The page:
Monday, September 22, 2014

Macro photography should not be just a club for technique jocks

Defining macro photography as requiring 1:1 and greater magnification is rather absurd. Few currently macro lenses go above 1:1 and many older lenses only go to 1:2. Do we exclude older lenses and only allow current macro lenses when they are used at their minimum focus distance? Do we require that additional equipment such as extension tubes, bellows, additional lenses be used with a regular macro lens to make it legitimately macro photography?

It seems more reasonable to define macro photography as taking pictures of small objects close up to reveal detail that can't be seen with the naked eye.

I believe there are two quite different kinds of macro photography:

- Still life style pictures of plants and dead or immobilized insects in a controlled environment . (and stamps and coins.) The subject will stay put as long as the photographer needs to get the exact picture that he wants. The environment allows him to use all the equipment for lighting the subject and holding it is place. Getting greater than 1:1 magnification is feasible but it requires skill and good gear. This sort of photography attracts people who want to demonstrate their skill in mastering difficulties. Their discussions focus of technique with harsh criticism of those who post less than perfect images. Arguments about the only correct way to do macro photography break out easily and quickly descend into name calling.

- Nature photography of living plants and insects in uncontrolled outdoor environments. At any moment, a breeze may move a flower out of focus or even out of the frame. An insect may light on a flower, be there for a few seconds and the leave. The emphasis is on getting a photo of the subject while the opportunity exists. Setup for a photo has to be minimal. Carrying extra gear for lighting or holding the subject in place may be impractical. Magnification greater than 1:1 is often infeasible. The emphasis is on capturing a record of what the photographer encounters for the love of the subject matter. The joy is in capturing interesting subjects rather than in a demonstration of skill. Discussions among such photographers focus on the subject matter rather than on critiques of technique.

Technique jocks who practice the Still life sort of macro photography seem unwilling to accept the other kind of photography. On some photography forums, they drive off anyone who posts photos that don't fit the greater than 1:1 criteria. The result is that nature photographers have no place to discuss their concerns and their photos on many photography forums.

Sunday, September 21, 2014

Old guy interests

I'm a bit sad that several of my interests (audio gear, camera gear and sports cars) acquired a long time ago increasingly look like old guy interests. And I'm disgusted by the rich guy/conspicuous consumption aspect to those interests.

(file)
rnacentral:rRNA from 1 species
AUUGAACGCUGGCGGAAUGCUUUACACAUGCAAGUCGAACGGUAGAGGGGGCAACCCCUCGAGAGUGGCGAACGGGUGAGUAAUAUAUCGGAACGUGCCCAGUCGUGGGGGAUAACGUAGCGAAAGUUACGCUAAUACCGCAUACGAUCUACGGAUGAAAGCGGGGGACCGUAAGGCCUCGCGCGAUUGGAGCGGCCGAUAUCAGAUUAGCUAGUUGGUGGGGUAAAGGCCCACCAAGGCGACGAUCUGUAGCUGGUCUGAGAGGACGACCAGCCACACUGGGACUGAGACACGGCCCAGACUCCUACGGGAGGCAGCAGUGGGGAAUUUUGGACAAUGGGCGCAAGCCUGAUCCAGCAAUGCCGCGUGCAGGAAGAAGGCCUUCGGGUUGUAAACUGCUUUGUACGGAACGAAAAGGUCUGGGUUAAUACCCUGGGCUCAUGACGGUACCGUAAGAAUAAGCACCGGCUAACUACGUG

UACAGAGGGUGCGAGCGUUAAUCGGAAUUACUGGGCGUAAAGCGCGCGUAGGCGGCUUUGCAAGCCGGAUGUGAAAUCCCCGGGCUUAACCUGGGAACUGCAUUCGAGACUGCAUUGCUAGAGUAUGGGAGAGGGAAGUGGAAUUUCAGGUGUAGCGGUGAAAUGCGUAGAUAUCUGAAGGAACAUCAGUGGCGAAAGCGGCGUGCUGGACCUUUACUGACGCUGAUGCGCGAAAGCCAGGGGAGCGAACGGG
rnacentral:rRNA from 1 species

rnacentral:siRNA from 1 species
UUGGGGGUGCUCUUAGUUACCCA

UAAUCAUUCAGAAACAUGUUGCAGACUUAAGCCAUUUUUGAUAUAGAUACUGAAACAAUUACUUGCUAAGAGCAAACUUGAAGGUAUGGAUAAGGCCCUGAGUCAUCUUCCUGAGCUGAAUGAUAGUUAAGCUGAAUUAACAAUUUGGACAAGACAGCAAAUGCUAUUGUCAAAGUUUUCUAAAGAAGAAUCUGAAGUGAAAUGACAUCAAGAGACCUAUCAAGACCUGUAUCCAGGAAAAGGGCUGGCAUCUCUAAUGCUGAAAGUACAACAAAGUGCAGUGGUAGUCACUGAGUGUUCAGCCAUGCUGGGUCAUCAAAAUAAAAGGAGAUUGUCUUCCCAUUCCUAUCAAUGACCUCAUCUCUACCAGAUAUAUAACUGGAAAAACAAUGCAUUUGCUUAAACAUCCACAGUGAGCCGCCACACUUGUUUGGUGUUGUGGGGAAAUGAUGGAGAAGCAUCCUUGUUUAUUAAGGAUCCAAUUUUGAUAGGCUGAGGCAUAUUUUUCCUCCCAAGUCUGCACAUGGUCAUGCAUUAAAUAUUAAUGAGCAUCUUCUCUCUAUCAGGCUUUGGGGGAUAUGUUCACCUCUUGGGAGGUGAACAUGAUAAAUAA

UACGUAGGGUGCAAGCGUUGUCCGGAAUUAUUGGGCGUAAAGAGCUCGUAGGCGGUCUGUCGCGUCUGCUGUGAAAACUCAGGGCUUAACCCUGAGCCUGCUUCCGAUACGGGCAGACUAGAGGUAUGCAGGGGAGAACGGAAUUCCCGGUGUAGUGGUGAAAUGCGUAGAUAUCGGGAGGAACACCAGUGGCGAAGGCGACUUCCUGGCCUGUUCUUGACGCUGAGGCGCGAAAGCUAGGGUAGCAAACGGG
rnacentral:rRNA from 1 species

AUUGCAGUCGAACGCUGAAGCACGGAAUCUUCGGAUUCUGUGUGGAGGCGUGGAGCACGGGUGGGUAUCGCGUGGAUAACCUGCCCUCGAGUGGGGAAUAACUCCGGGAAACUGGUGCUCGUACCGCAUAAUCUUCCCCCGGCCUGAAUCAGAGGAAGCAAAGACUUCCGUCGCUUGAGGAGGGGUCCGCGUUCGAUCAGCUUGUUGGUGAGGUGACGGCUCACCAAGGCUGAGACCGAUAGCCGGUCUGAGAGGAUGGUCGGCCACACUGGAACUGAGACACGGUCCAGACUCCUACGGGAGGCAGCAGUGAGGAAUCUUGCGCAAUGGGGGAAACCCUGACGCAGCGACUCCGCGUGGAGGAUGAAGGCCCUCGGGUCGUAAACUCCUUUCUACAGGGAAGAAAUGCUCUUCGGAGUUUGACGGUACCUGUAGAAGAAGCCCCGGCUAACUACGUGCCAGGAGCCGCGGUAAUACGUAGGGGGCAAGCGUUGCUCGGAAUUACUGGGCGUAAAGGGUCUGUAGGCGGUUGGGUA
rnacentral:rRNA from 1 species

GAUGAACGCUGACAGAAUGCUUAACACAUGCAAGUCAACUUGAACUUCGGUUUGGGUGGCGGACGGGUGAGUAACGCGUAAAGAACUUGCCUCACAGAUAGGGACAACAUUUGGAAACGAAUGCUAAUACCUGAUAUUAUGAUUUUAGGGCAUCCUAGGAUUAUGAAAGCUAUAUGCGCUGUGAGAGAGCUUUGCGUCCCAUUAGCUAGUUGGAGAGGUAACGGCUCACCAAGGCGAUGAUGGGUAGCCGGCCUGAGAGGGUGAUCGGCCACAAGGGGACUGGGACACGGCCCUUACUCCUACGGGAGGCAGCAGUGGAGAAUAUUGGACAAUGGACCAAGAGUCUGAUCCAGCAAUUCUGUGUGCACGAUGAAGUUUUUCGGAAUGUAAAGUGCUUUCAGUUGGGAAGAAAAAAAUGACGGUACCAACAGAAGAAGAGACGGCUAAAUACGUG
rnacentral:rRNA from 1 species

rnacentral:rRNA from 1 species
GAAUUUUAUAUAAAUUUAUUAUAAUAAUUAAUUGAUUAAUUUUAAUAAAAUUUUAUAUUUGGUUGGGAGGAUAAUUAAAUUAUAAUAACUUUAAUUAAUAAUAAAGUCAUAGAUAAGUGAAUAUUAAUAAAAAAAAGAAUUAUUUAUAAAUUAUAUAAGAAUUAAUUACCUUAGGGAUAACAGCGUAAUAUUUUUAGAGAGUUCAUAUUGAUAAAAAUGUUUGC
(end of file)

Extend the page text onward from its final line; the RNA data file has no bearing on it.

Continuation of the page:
Gear head hobbies now seem sterile to me and gearhead forums seem populated by people I'd rather not know. However, listening to good music, looking at pictures of subjects I value and driving on winding, country roads are still rewarding activities for me. Those interests attract positive, interesting people.

Tuesday, April 1, 2014

Collecting recordings of classical music

Someone asked these questions on the forum

Do you settle on one that you listen to? When you buy multiple versions of, say, Mozart's Requiem, are you looking for the one you consider to be the best or do you want different listening options? Or are there times you want to listen to X's version of Mozart's Requiem, and other times you want to listen to Y's version?

In the beginning, I wanted to get a copy of all the classical music that I knew I liked really well. Then I wanted to explore other things by the same composer or similar composers. Decades ago, buying recordings was the only way that I could hear things that were not on the beaten path (radio and cvoncerts.) So I purchased recordings of lots of Mozart and Beethoven and so on. Then I wanted to explore more recordings of favorite works in search of the "perfect" performance. Then I wanted to explore more performances to hear different interpretations.

Initially, I concentrated on orchestral, concerto and piano music. Then I began to explore more chamber music. Piano trios, quartets and quintets wwere easy to love. String quartets required more time and effort from me.

When I found exceptional performances, I wanted to recordings of other works by the soloists, conductors and ensembles that had impressed me in one recording. I'm still filling out the gaps so that I can listen to any classical music that I want to try. I'm still filling out my collection of the relevant recordings by the performers I really like.

All my collection is on a computer hard drive managed by the excellent JRiver Media Center software. When I browse my collection, it is often a voyage of discovery. A composer, a work name or a performer name catches my eye and sends my browsing in an unexpected direction. The particular performance of a work that I choose to mplay may be determined at the last moment.